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Variety spices up the work week for ESD

May 21, 2018 | Laura King-Homan | customer service, OPPD at work, OPPD employees
ESD, OPPD Electrical Service Designer (ESD) Mark Krepela, left, visits with personnel at Vala's Pumpkin Patch regarding a new transformer that will be installed for a future construction project at the popular fall destination.

Mark Krepela’s days are rarely the same. Some involve driving many miles of gravel county roads. Others involve spending time on the phone or at his desk in OPPD’s Louisville office.

But whether in the field or in the office, Krepela is always working directly with OPPD customers.

He is one of the district’s 17 electrical service designers, or ESDs. The ESD position was created in the early 1980s as a combination of a customer service representative and a design engineer. Although none are certified engineers, they represent nine different career backgrounds. Each ESD is assigned a specific area within OPPD’s 13-county service territory.

large territory

Krepela, based out of OPPD’s Louisville office, is responsible for much of western Sarpy County, including Gretna, the area south and west to the Platte River, stopping at Harrison Street to the north.

A recent work day for Krepela involved checking on the progress and location of on-site equipment, consulting with a commercial customer about a new building project and driving dozens of miles criss-crossing the county to visit homes being built on acreages.

OPPD Electrical Service Designer (ESD) Mark Krepela checks on the connection for a new home being build in rural Sarpy County. 8/20/15
OPPD Electrical Service Designer (ESD) Mark Krepela checks on the connection for a new home being build in western Sarpy County.

Krepela said he can have anywhere from five to 20 customer jobs in progress at the same time, with a lot of his job involving work with builders and electricians regarding load needs and equipment location. He then coordinates the work with OPPD crews from the district’s Ashland, Louisville, Elkhorn and Papillion offices.

“This job is a lot of checking on progress and what they need for projects,” Krepela said.

customer link

He works with OPPD engineers on planning infrastructure projects. If a customer project will add a lot of load, Krepela will also meet with energy planning personnel to ensure the customer’s needs can and will be met.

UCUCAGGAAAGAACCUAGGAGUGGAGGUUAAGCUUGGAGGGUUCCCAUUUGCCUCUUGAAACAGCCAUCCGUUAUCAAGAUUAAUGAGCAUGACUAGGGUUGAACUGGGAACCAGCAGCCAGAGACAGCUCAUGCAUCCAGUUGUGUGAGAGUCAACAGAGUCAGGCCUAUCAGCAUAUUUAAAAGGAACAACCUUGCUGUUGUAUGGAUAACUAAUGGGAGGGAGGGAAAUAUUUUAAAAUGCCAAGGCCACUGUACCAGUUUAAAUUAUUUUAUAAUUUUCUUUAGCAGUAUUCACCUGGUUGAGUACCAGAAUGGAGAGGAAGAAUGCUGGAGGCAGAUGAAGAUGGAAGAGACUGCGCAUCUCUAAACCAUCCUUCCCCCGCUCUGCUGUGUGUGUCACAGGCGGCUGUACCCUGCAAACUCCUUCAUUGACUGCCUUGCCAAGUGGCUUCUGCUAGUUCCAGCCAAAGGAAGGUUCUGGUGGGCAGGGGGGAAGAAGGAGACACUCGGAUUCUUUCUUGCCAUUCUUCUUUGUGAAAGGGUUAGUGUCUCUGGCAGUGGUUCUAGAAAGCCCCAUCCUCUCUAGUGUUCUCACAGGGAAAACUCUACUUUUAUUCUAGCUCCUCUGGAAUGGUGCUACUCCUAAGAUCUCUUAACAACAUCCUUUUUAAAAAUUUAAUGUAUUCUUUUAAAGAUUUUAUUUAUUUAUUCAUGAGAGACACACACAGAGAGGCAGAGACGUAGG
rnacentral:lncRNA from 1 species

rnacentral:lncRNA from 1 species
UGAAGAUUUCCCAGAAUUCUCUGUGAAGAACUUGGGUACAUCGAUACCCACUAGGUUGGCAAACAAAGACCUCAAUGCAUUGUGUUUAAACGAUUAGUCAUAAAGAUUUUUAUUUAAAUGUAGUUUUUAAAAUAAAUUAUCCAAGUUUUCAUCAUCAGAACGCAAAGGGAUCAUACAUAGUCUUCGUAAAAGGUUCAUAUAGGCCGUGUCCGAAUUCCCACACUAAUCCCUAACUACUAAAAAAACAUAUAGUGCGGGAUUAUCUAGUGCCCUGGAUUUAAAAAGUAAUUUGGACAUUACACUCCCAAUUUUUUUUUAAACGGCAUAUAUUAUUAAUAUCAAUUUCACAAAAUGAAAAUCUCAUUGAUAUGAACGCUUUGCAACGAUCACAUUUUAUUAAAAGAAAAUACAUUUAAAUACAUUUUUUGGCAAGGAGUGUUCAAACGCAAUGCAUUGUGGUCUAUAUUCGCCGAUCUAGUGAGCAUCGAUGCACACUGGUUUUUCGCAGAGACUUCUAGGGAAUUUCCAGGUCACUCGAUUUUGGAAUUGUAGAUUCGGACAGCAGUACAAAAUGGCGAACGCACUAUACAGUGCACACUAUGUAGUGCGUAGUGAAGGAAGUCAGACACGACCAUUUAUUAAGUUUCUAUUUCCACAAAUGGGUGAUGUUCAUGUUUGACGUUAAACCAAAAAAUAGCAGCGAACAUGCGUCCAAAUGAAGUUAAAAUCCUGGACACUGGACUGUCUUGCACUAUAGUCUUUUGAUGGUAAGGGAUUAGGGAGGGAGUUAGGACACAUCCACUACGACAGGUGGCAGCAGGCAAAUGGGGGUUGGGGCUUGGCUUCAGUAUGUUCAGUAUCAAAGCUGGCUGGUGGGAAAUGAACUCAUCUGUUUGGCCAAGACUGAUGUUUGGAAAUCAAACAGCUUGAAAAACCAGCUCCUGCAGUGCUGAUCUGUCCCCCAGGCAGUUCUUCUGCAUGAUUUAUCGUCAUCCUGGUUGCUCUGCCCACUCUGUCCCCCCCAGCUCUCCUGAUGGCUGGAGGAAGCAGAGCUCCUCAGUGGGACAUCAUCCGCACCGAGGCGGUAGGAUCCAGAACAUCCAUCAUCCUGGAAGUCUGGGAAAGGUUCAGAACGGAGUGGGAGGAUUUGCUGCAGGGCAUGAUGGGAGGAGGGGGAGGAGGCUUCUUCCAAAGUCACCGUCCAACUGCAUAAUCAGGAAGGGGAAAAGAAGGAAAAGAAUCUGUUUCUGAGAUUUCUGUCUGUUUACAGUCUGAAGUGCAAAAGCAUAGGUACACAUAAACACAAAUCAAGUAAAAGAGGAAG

Future development The Cloisters on the Platte, being planned by Joe Ricketts, is one such large-scale project Krepela is working on. Ricketts wants to preserve as much of the natural surroundings of the property abutting the Platte River to the south and I-80 to the west.

To accomplish that goal, Krepela is consulting with the developer.

“He doesn’t want to see any equipment, so we have to work with them on how to camouflage it.”

Krepela is there from the beginning as Gretna Public Schools plans a new middle school south of 192 Street and Giles Road. The school and their architects consult with Krepela regarding placement of transformers and lines onto the property. He stressed that these types of projects plan for immediate development, but also look ahead to any future plans for the property.

beyond infrastructure

In addition to infrastructure needs, Krepela helps these customers budget their energy use. He looks at their existing usage and determines the affect of new projects and buildings.

A water line marker and flag marker for a proposed OPPD line are shown on the property for Vala's Pumpkin Patch in Sarpy County. 8/20/15
A water line marker and flag marker for a proposed OPPD line are at Vala’s Pumpkin Patch.

On this particular day, Krepela stopped by several smaller-scale projects. At acreage homes under construction he checked on the installation of transformer pedestals or if they were put into use.

Not all acreages are small customers, however. Krepela is working with a couple homes under construction that require the same amount of power used by a small strip mall. They have more than 10,000 square feet of space each.

Longtime customer Vala’s Pumpkin Patch sought Krepela’s input when they extended power to a new building. During his stop at the popular Sarpy County attraction, Krepela flagged a path for crews to follow when they come to bury an underground line.

Visitors to Vala’s will never know that electrical equipment is underfoot as they traverse the corn maze or ride the train. Nor will other customers understand how Krepela and other ESDs bring their electricity to life. But with ESDs serving as a link between customer and utility, OPPD can make sure all needs are met.

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About Laura King-Homan

Laura King-Homan is the supervisor, Brand and Communication Operations, at Omaha Public Power District. She has nearly 20 years of print journalism and design experience, including the Omaha World-Herald.

View all posts by Laura King-Homan >

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